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Stepsiblings (sometimes abbreviated informally as stepsibs)[1] is the generic term for stepsisters and stepbrothers. Step-siblings are usually regarded as connected only by law and/or social norms, and are not necessarily genetically related – unless they are also half-siblings or another kind of blood relative. Technically, a step-sibling can be related to a stepbrother or stepsister only if they are born before their biological parents are divorced or widowed, and a remarriage occurs, involving one biological parent of each step-sibling.


In many fairy tales, the central character has a stepmother, after whom their stepsiblings take.[citation needed] In Cinderella, the ugly sisters are the main character's stepsisters. Mother Hulda also features wicked stepsisters, but Kate Crackernuts loving stepsisters.[2]

Many romance novels feature heroes who are the stepbrother of the heroine. The step-relationship generally stems from a marriage when the hero and heroine are at least in their adolescence.

Some family films and television sitcoms feature a blended nuclear family including siblings as the center premise. In many cases, the step-family is large and full of children causing situations such as sibling rivalry, rooming, falling in love, and getting along amongst the children as popular plotlines. This premise dates back as far as the 1968 film Yours, Mine and Ours. This film gave way to a classic family television sitcom about a blended family known as The Brady Bunch. Some contemporary family sitcoms have made the blended family sitcom more popular with the TGIF show Step by Step bringing about other shows such as Aliens in the Family, Life with Derek, Drake & Josh, and the short-lived NBC family sitcom Something So Right. The Life of Riley is a 2009 British comedy television series, shown on BBC One & BBC HD. It focuses on the lives of a blended family. Kevin and Kell is a comic strip that focuses on a blended family. The Disney Channel animated series Phineas and Ferb also prominently features a blended family, chosen by co-creator Jeff "Swampy" Marsh in part due to its underuse in children's programming, and his personal experiences growing up in such a family.[3]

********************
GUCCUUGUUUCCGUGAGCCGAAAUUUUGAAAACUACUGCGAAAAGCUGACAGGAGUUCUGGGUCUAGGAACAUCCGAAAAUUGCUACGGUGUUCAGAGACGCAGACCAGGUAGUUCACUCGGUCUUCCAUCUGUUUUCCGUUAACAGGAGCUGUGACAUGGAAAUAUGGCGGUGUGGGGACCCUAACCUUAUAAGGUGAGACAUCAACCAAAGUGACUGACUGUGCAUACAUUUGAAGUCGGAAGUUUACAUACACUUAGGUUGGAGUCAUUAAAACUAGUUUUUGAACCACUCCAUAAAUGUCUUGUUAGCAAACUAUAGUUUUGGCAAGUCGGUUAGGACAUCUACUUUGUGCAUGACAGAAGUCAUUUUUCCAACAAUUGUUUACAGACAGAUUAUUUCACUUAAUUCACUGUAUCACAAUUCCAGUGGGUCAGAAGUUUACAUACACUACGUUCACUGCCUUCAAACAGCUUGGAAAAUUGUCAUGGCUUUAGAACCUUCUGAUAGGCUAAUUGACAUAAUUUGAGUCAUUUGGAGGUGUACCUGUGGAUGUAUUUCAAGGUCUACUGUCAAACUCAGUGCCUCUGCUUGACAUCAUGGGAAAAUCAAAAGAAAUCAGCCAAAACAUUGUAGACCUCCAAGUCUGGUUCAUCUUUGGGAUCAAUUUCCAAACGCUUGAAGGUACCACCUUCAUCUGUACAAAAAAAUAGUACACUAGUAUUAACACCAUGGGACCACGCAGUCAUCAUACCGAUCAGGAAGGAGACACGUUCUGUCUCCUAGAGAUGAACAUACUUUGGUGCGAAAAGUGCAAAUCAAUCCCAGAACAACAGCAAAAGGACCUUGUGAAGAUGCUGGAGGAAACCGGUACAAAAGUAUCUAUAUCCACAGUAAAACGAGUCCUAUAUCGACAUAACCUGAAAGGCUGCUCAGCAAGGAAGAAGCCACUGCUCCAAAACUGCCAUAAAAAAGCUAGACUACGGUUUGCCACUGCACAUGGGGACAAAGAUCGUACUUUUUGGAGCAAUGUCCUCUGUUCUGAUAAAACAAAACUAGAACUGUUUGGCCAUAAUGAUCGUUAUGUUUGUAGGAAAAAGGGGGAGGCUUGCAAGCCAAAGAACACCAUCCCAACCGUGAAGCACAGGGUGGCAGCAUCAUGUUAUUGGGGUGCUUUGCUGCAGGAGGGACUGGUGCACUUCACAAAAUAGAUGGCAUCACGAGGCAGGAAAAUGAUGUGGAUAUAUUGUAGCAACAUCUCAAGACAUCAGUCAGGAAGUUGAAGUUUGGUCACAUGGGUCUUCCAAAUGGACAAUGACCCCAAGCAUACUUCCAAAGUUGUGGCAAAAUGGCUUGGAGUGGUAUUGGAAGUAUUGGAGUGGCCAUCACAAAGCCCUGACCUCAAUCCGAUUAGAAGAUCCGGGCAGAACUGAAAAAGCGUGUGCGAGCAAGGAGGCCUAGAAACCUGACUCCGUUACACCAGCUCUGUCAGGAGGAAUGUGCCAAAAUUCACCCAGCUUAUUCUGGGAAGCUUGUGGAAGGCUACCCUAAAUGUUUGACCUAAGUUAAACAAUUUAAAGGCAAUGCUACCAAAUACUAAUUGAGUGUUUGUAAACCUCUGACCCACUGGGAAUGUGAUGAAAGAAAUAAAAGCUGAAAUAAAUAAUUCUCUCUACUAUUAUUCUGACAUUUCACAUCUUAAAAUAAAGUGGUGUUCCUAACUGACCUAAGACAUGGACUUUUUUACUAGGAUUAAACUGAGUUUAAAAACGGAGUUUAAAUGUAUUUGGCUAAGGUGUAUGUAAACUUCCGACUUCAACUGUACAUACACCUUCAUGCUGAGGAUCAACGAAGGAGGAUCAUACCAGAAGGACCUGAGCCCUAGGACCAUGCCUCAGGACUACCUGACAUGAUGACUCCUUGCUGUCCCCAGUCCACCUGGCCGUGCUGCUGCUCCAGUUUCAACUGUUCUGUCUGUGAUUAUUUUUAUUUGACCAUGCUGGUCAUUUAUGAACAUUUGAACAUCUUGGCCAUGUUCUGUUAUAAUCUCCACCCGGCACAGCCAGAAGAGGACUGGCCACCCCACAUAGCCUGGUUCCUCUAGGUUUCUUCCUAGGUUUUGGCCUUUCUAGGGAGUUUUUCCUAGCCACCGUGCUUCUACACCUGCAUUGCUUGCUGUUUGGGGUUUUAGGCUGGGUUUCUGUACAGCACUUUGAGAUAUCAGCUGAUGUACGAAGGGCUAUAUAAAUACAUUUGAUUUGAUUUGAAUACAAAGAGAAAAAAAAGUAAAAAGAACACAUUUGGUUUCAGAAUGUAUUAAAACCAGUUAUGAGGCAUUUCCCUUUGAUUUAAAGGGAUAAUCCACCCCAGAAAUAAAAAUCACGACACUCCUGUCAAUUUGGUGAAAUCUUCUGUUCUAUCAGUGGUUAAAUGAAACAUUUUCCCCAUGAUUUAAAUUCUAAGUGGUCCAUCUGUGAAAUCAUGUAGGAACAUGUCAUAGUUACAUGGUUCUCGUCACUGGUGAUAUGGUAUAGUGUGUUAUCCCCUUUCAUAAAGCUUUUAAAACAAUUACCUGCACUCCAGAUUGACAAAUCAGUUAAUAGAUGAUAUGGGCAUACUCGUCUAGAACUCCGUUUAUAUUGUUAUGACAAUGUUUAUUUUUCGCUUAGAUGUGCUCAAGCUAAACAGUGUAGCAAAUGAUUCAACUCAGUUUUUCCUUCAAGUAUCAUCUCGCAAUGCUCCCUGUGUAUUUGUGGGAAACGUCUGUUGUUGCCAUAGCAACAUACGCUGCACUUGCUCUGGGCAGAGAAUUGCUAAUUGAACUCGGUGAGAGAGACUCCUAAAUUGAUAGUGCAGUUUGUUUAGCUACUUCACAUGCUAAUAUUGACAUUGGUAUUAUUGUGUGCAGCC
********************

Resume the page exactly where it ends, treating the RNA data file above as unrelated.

1. ^ MMeyer, Robert (2001). The Child Clinician's Handbook. p. 515.
  2. ^ The Annotated Classic Fairy Tales, p. 230
  3. ^ Bond, Paul (7 June 2009). "Q&A: Dan Povenmire". Hollywood Reporter. Retrieved 2009-08-26.

External links[edit]

  • The dictionary definition of stepsibling at Wiktionary
  • The dictionary definition of stepsib at Wiktionary
  • The dictionary definition of stepsister at Wiktionary
  • The dictionary definition of stepsis at Wiktionary
  • The dictionary definition of stepbrother at Wiktionary
  • The dictionary definition of stepbro at Wiktionary